Discovering who you are is part of every college experience, but for Garth Taylor ’71, Berkeley helped set him on a path he would follow for the next 40 years. “Most colleges pride themselves on being able to serve up a good identity challenge,” says Garth. “What puts Berkeley in the elite pool is that the campus and the community provide lots of resources and opportunities for engagement — to step up, put that new identity to work, be who you are.”
For Garth, a bookish, philosophical Midwesterner interested in social change and alternative culture, it would be an educational experience in and out of the classroom. Garth joined the Peace Brigade, a group committed to non violent action, after seeing members form a human barrier between police and a group of angry rock-throwing protestors. He had studied non-violent philosophies, and seeing them actively embodied proved irresistible. He eventually played a leadership role in the group, savoring the feeling that he was learning and doing something at the same time.
Back in class, Garth had an opportunity to analyze an opinion survey on a hot political topic: whether people would vote for or against a referendum to establish community policing boards. Surveys were to be conducted before and after participants spent an evening on the beat with the Berkeley police. He took on the project thinking he might be remotely interested; instead, it pointed to his future. “I could have worked for hundreds of hours on that project,” he said. “I subsequently learned that’s the sign you’re doing the right thing.”
It was a path that took him from a psychology degree at Berkeley to a Ph.D. in sociology at the University of Chicago. He went on to teach at the University of Wisconsin-Madison and at Chicago, but missed the surveying and polling that had drawn him into the field. He took
a position as director of research and planning at the Chicago Urban League, and then a few years later, stepped up to the helm of a new organization created to survey the region. For the next 20 years, he conducted public opinion surveys and quality of life measures as the executive director of the Metro Chicago Information Center.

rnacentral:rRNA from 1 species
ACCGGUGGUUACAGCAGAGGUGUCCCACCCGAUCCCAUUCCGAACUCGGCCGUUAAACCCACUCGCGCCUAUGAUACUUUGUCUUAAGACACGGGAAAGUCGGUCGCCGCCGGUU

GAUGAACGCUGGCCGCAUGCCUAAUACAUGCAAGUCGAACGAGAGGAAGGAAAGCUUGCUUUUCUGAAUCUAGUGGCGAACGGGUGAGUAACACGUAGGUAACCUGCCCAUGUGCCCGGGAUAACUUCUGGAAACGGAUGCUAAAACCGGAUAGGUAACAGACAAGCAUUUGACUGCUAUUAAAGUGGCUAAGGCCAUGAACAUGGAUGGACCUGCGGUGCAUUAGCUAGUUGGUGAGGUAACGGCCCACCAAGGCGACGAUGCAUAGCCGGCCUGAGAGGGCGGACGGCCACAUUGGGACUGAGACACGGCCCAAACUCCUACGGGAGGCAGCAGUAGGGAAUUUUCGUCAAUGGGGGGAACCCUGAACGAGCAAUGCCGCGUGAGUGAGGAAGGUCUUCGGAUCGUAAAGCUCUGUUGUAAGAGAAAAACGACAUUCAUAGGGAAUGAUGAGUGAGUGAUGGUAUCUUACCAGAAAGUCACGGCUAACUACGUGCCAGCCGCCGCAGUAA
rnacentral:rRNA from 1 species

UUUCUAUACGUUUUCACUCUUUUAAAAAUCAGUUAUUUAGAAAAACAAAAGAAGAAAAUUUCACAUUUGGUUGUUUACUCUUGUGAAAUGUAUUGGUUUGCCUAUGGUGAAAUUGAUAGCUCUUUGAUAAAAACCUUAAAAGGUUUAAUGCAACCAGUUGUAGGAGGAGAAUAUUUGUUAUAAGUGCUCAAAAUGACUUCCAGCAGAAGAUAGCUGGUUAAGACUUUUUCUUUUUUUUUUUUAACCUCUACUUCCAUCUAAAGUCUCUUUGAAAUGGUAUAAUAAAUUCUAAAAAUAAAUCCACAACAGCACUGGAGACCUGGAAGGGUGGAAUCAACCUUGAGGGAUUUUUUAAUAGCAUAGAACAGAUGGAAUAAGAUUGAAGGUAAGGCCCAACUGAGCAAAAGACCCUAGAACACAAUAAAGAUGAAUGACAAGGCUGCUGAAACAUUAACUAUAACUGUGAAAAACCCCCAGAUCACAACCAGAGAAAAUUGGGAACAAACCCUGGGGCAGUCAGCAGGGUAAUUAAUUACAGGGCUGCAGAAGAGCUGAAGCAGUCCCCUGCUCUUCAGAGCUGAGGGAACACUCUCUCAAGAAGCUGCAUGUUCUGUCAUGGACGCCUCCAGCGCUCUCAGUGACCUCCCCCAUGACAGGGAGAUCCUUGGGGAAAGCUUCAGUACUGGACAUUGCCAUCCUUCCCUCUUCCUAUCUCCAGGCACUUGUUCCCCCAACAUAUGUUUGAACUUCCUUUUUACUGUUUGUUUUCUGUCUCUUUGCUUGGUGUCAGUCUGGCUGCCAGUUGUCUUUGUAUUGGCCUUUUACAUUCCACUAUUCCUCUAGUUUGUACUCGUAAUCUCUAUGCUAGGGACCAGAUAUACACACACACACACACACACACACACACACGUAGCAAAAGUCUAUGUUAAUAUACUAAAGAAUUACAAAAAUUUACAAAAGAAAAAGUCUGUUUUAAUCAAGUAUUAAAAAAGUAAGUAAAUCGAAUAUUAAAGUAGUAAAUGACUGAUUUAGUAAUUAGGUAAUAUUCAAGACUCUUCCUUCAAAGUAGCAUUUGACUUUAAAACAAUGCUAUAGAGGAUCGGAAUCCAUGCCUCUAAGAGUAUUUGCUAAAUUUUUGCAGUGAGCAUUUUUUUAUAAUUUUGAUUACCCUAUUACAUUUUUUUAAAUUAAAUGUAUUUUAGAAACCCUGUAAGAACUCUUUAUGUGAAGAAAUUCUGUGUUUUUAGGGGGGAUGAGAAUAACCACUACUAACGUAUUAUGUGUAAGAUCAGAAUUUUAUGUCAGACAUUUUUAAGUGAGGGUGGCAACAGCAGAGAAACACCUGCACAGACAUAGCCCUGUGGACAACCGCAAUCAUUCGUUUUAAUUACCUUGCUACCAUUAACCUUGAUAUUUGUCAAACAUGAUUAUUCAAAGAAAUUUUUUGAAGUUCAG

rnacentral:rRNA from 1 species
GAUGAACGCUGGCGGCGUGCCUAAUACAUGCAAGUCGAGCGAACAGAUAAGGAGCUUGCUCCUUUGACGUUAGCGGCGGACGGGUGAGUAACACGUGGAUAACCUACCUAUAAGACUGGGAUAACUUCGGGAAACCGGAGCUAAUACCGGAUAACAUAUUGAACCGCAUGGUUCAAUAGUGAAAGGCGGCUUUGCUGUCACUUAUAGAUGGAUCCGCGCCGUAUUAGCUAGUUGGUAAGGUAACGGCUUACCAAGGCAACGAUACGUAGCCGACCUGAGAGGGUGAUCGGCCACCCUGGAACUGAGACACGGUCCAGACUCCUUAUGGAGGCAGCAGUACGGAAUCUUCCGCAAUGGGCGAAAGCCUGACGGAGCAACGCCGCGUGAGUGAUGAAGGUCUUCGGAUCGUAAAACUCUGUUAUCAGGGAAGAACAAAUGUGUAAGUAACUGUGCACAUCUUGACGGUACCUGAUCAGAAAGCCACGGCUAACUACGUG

Garth’s retirement in 2010 set a new chain of events into action. He was an early retiree among his group of friends, and philanthropy was something he would read about — millionaires making jaw-dropping gifts, something other people did — and think, I’m glad that happened. But his view shifted when it came time to plan his own estate. “A lightbulb came on,” he said.
This is where you make those choices: How much do you spend, how much do you keep for your loved ones, how much do you give back?
He asked friends which institutions they were planning to support; it was the first they’d thought about it, too. He realized that if he was going to talk about philanthropy, “I needed to lead the way.” “I discovered a need to take responsibility to support the institutions I cared about — to go beyond the notion that someone else would sustain the institutions and activities that were most important in my life.” He continued, “It was a really conscious choice. Every institution I cared about was under financial stress.”
He had planned to make a gift to Cal’s Survey Research Center — then found that it had closed its doors in 2010 due to budget cuts. “To have that gone is a huge loss,” he says. Now he thinks of the institutions he cares about as being a bit like endangered species: if people don’t step up, these places will disappear. He’s made a gift in his will to support undergraduate scholarships at Berkeley in sociology, psychology, and political science. It is important to him that students aren’t left out of the Berkeley experience — and everything it has to offer in shaping their lives — simply because they cannot afford it.
In planning his giving, which also includes the University of Michigan’s Institute for Social Research and a music school he founded in Three Oaks, Michigan, Garth thinks back to his own attitude when he was young and trying to figure out what would come next: “More education will not harm you, and it might actually help.” It’s a mantra that has shaped a life doing work he loves — and that he’s happy to be able to pass on to a new generation.